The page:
The Discourse about the Belief Systems
(Titthāyatanasuttaṁ Aṅg 3:61)

Translated by Ānandajoti Bhikkhu

(January 2008/2551)

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The Three Belief Systems

There are these three belief systems, monks, and though questioned, queried, and discussed by wise men, (because they) have come down from others, they persist in inaction. Which three?

There are some ascetics and brahmins, monks, who are of this argument, this view:
“Whatever an individual experiences, whether pleasant, painful, or neither-painful-nor-pleasant, all of that is due to what was done in the past.”

There are some ascetics and brahmins, monks, who are of this argument, this view:
“Whatever an individual experiences, whether pleasant, painful, or neither-painful-nor-pleasant, all of that is due to the power of God.”

There are some ascetics and brahmins, monks, who are of this argument, this view:
“Whatever an individual experiences, whether pleasant, painful, or neither-painful-nor-pleasant, all of that has no cause or condition.”

Those who Believe in what was Done in the Past

Here, monks, (as for) those ascetics and brahmins who are of this argument, this view:
“Whatever an individual experiences, whether pleasant, painful, or neither-painful-nor-pleasant, all of that is due to what was done in the past,” having approached them, I say: “Is it true that you venerables are of this argument, this view: “Whatever an individual experiences, whether pleasant, painful, or neither-painful-nor-pleasant, all of that is due to what was done in the past?”, and if they agree with me when questioned thus, (saying) “yes”, I say to them:

“Then, venerables, (people) will be killers of living creatures because of what was done in the past,
they will be takers of what is not given because of what was done in the past,
they will be unchaste because of what was done in the past,
they will be speakers of what is false because of what was done in the past,
they will be utterers of divisive words because of what was done in the past,
they will be utterers of harsh words because of what was done in the past,
they will be frivolous talkers because of what was done in the past,
they will be avaracious because of what was done in the past,
they will be malevolent because of what was done in the past,
they will hold to wrong views because of what was done in the past.

But, monks, for he who holds what was done in the past as the essential thing, there is no desire nor effort (thinking): “this should be done, or this should not be done”, but there being no truth or trust in what should be done or what should not be done, he lives without mindfulness, without protection, and that individual cannot reasonably be called an ascetic. This, monks, for the ascetics and brahmins who are of these arguments, these views, is my first reasonable reproach.

Those who Believe in the Power of God

Here, monks, (as for) those ascetics and brahmins who are of this argument, this view:
“Whatever an individual experiences, whether pleasant, painful, or neither-painful-nor-pleasant, all of that is due to the power of God,” having approached them, I say: “Is it true that you venerables are of this argument, this view: “Whatever an individual experiences, whether pleasant, painful, or neither-painful-nor-pleasant, all of that is due to the power of God?”, and if they agree with me when questioned thus, (saying) “yes”, I say to them:

“Then, venerables, (people) will be killers of living creatures due to the power of God,
they will be takers of what is not given due to the power of God,
they will be unchaste due to the power of God,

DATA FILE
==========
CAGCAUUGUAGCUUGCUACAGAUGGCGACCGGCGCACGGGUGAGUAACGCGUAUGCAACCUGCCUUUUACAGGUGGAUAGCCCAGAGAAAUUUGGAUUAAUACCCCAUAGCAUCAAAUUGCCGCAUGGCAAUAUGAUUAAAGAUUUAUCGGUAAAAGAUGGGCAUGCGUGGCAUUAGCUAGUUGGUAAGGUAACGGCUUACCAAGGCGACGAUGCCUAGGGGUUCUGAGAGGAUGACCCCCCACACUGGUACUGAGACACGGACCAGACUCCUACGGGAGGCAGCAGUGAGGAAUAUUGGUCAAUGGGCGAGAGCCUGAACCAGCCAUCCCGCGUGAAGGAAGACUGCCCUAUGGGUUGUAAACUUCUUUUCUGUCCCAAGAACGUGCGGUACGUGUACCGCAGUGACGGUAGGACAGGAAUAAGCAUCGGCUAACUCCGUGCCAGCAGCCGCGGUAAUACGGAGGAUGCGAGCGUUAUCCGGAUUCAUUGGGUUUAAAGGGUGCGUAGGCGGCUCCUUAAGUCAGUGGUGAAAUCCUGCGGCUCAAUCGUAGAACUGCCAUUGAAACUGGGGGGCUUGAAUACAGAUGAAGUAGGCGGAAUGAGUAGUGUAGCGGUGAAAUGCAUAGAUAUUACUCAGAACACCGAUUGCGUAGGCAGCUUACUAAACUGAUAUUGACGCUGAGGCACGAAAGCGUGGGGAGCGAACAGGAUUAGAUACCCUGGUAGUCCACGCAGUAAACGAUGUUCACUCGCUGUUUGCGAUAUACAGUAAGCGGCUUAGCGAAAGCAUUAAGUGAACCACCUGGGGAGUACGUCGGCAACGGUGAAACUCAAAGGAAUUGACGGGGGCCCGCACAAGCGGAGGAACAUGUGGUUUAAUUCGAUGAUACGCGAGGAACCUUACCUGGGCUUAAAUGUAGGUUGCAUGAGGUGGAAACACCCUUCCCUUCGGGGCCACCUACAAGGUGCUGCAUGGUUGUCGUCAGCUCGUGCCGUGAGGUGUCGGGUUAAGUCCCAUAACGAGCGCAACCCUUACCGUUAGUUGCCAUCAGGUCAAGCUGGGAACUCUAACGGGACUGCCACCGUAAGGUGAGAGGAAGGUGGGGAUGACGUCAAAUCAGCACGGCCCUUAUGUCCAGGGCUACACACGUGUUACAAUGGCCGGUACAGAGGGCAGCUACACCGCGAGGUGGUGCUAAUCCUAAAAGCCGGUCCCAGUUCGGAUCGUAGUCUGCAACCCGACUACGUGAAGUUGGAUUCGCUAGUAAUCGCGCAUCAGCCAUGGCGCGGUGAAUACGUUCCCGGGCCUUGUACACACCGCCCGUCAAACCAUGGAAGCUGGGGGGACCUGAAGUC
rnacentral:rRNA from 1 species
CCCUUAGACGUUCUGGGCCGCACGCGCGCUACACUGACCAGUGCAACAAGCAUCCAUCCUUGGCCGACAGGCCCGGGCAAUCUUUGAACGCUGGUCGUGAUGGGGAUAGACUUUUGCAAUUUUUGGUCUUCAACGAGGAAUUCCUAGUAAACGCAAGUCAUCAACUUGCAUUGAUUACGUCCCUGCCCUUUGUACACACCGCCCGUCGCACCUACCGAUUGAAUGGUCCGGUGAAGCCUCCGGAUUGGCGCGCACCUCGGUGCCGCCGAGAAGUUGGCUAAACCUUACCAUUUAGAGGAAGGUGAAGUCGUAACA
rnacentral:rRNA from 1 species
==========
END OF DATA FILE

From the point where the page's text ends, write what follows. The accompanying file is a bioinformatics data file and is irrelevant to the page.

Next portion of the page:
they will be speakers of what is false due to the power of God,
they will be utterers of divisive words due to the power of God,
they will be utterers of harsh words due to the power of God,
they will be frivolous talkers due to the power of God,
they will be avaracious due to the power of God,
they will be malevolent due to the power of God,
they will hold to wrong views due to the power of God.

But, monks, for he who holds the power of God as the essential thing, there is no desire nor effort (thinking): “this should be done, or this should not be done”, but there being no truth or trust in what should be done or what should not be done, he lives without mindfulness, without protection, and that individual cannot reasonably be called an ascetic. This, monks, for the ascetics and brahmins who are of these arguments, these views, is my second reasonable reproach.

Those who Believe there is No Cause or Condition

Here, monks, (as for) those ascetics and brahmins who are of this argument, this view:
“Whatever an individual experiences, whether pleasant, painful, or neither-painful-nor-pleasant, all of that has no cause or condition,” having approached them, I say: “Is it true that you venerables are of this argument, this view: “Whatever an individual experiences, whether pleasant, painful, or neither-painful-nor-pleasant, all of that has no cause or condition?”, and if they agree with me when questioned thus, (saying) “yes”, I say to them:

“Then, venerables, (people) will be killers of living creatures with no cause or condition,
they will be takers of what is not given with no cause or condition,
they will be unchaste with no cause or condition,
they will be speakers of what is false with no cause or condition,
they will be utterers of divisive words with no cause or condition,
they will be utterers of harsh words with no cause or condition,
they will be frivolous talkers with no cause or condition,
they will be avaracious with no cause or condition,
they will be malevolent with no cause or condition,
they will hold to wrong views with no cause or condition.

But, monks, for he who holds no cause or condition as the essential thing, there is no desire nor effort (thinking): “this should be done, or this should not be done”, but there being no truth or trust in what should be done or what should not be done, he lives without mindfulness, without protection, and that individual cannot reasonably be called an ascetic. This, monks, for the ascetics and brahmins who are of these arguments, these views, is my third reasonable reproach.

These are the three belief systems, monks, and though questioned, queried, and discussed by wise men, (because they) have come down from others, they persist in inaction.

The Buddha's Teaching

But this is the Teaching, monks, taught by me that is without reproach, undefiled, blameless, and unreviled by wise ascetics and brahmins. What is the Teaching, monks, taught by me that is without reproach, undefiled, blameless, and unreviled by wise ascetics and brahmins?

“These are the six elements” is a Teaching, monks, taught by me that is without reproach, undefiled, blameless, and unreviled by wise ascetics and brahmins.

“These are the six spheres of contact” is a Teaching, monks, taught by me that is without reproach, undefiled, blameless, and unreviled by wise ascetics and brahmins.